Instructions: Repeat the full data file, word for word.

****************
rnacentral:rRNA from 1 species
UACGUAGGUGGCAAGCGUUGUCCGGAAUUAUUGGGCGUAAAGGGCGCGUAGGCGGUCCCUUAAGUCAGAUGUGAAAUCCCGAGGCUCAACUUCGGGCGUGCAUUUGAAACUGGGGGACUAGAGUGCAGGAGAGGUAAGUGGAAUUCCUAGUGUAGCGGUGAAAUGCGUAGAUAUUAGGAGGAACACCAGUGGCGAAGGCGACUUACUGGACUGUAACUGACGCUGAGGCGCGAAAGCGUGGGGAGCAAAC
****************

rnacentral:rRNA from 1 species
UACGUAGGUGGCAAGCGUUGUCCGGAAUUAUUGGGCGUAAAGGGCGCGUAGGCGGUCCCUUAAGUCAGAUGUGAAAUCCCGAGGCUCAACUUCGGGCGUGCAUUUGAAACUGGGGGACUAGAGUGCAGGAGAGGUAAGUGGAAUUCCUAGUGUAGCGGUGAAAUGCGUAGAUAUUAGGAGGAACACCAGUGGCGAAGGCGACUUACUGGACUGUAACUGACGCUGAGGCGCGAAAGCGUGGGGAGCAAAC